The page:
So, you like running, but it’s pretty much dark out by the time you get home from work, and it’s cold. So, you skipped another day. Sound familiar?
Here are my tips on staying motivated even throughout the winter, when the weather is less of a motivator. I was asked to write about motivation, and I thought it was a great idea.
Make plans with a friend or group. This particularly works well for me when I am only meeting one other person, because you know he or she is counting on you.
I am not a morning person, but I will get up early to run — if I am meeting someone. If you arrange to meet with a friend at 6:30 a.m. and decide to sleep in instead of meeting them, that leaves them hanging. If you tell yourself you’re going to wake up at 6:30 a.m. and run, it’s easy to continue to hit the snooze button without breaking a commitment to anyone except yourself. Plus, for me, runs go by faster if I’m with other people, and I’m likely to run more miles than I would have alone.
Promise yourself a reward. For me, this is often a food-related reward, which I probably shouldn’t recommend. But occasionally, I think it’s OK. I often reward myself with a coffee smoothie after a 10-plus mile run. And I’ve also used hot chocolate as a reward after a 5-mile run.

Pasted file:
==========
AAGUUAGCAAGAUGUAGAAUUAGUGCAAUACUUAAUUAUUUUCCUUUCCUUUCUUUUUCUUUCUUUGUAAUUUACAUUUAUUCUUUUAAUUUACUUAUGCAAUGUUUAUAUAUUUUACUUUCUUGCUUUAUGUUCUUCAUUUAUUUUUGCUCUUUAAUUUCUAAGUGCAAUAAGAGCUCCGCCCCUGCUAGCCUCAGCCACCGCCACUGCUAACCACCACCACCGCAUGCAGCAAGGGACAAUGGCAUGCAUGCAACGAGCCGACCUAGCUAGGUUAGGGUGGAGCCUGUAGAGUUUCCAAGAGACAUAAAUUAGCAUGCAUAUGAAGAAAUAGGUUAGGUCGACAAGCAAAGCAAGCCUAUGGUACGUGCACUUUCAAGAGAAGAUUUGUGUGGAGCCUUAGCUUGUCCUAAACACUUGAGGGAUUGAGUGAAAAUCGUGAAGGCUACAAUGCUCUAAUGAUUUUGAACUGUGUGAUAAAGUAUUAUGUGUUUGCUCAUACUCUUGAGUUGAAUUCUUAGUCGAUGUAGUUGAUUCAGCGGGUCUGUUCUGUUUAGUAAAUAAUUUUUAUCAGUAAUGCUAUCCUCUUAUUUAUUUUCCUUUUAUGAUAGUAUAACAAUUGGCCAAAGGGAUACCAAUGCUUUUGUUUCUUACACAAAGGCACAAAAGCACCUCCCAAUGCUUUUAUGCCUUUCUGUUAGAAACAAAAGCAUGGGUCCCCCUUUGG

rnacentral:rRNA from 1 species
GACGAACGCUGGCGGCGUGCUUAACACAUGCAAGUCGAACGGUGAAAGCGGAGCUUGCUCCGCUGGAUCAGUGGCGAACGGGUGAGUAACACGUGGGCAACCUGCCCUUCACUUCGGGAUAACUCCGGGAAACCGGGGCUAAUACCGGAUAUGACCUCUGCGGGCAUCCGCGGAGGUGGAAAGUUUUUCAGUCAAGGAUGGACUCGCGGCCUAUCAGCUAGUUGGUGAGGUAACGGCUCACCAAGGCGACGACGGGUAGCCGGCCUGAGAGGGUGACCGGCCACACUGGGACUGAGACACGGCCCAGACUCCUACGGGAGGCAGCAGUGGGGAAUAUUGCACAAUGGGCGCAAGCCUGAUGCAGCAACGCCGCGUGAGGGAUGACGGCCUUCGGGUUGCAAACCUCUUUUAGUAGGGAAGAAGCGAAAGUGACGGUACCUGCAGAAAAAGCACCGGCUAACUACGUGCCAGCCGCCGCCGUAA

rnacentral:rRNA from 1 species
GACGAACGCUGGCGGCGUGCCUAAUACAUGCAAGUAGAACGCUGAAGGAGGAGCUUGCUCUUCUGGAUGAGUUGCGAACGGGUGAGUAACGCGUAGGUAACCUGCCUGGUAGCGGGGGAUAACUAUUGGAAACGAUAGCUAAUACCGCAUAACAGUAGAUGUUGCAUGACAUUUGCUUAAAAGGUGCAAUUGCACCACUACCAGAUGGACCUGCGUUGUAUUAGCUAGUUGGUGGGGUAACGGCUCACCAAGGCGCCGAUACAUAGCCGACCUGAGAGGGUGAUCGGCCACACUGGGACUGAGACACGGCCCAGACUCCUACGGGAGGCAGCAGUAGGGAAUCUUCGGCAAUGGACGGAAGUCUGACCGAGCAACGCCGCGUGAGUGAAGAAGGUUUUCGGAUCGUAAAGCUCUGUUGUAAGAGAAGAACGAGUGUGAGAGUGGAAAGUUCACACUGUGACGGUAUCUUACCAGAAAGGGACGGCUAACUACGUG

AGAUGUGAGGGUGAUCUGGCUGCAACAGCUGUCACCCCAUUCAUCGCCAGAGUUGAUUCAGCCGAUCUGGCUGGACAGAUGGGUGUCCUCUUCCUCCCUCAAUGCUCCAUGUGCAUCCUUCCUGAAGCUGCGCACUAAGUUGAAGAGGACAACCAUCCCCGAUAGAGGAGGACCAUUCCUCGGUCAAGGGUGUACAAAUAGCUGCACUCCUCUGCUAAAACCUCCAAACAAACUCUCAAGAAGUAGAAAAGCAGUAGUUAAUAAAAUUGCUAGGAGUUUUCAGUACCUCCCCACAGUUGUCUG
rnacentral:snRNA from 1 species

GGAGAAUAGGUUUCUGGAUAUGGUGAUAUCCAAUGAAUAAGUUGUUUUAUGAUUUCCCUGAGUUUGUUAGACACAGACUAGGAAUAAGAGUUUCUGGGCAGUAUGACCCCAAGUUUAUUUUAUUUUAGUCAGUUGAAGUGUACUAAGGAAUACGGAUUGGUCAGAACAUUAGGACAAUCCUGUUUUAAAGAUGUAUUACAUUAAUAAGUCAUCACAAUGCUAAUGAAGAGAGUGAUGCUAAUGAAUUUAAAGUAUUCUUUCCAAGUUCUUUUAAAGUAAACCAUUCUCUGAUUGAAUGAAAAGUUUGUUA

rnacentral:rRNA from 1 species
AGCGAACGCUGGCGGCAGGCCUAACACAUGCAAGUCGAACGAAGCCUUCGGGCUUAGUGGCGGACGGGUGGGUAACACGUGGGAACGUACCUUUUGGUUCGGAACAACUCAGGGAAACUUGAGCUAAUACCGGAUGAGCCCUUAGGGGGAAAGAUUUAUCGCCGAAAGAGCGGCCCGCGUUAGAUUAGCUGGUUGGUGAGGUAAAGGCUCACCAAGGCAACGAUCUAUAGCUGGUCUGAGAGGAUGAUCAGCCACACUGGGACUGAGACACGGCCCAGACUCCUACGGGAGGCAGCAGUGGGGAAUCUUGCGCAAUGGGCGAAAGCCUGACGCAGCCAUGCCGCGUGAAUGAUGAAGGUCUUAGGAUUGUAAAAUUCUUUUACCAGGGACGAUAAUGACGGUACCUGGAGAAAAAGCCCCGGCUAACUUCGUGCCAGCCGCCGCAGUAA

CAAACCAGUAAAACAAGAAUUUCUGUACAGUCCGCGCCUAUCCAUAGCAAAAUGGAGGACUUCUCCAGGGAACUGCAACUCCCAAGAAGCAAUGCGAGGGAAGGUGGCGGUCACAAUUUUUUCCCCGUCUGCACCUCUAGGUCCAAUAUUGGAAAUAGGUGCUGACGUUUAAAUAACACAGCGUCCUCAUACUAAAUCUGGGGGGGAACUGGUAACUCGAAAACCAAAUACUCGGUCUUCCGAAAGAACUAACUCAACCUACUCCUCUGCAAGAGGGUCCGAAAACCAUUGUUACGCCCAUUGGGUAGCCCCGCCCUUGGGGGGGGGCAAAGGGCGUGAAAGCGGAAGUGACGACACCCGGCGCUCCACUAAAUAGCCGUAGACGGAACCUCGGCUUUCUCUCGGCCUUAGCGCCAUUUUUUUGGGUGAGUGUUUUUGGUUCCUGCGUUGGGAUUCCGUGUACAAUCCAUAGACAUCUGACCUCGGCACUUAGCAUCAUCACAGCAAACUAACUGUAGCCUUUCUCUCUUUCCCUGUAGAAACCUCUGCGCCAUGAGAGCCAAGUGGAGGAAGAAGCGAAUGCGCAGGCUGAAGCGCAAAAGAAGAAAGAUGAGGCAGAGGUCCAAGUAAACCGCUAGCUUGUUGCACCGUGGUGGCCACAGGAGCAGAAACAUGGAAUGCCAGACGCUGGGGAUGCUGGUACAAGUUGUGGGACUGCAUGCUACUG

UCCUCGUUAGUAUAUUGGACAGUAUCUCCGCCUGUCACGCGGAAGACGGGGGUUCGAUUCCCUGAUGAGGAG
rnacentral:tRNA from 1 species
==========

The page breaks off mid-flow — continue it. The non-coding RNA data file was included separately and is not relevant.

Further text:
If you don’t want to reward yourself with food, think of some kind of non-food treat that you’ll enjoy — new running socks, a new piece of jewelry or 20 or 30 minutes of time to set aside to read. Some of those things may be after hitting a certain goal mileage or something — that would get expensive if you are running regularly and giving yourself a gift every time. Be creative!
Set a goal. Think of a goal you’d like to achieve, and put your mind — and feet — to it. Maybe you want to run 50 miles in a month. Or, run 15 out of the 30 days in a month. Possibly you want to complete a race or a new race distance, or set a new personal record. Another goal could be a healthy weight loss aspiration. Having something to work toward might help you be more motivated in running more often.
Try running in a new location. One of the reasons I have enjoyed exploring different towns on Delmarva through running is because it makes running more exciting and interesting. My runs go by so much faster when I am able to explore along the way.
This also isn’t as easy to do during the winter, when there aren’t many hours of light, and I wouldn’t recommend exploring a new place in the dark. But stake out a place you’d like to run within about an hour’s drive or so, and make the trip, if you can. Keep safety in mind. If you can’t travel far, you may want to look into running somewhere different in your own town, maybe with a friend in his or her neighborhood.
Do you do anything similar to keep you motivated? What would you recommend to help people stay motivated?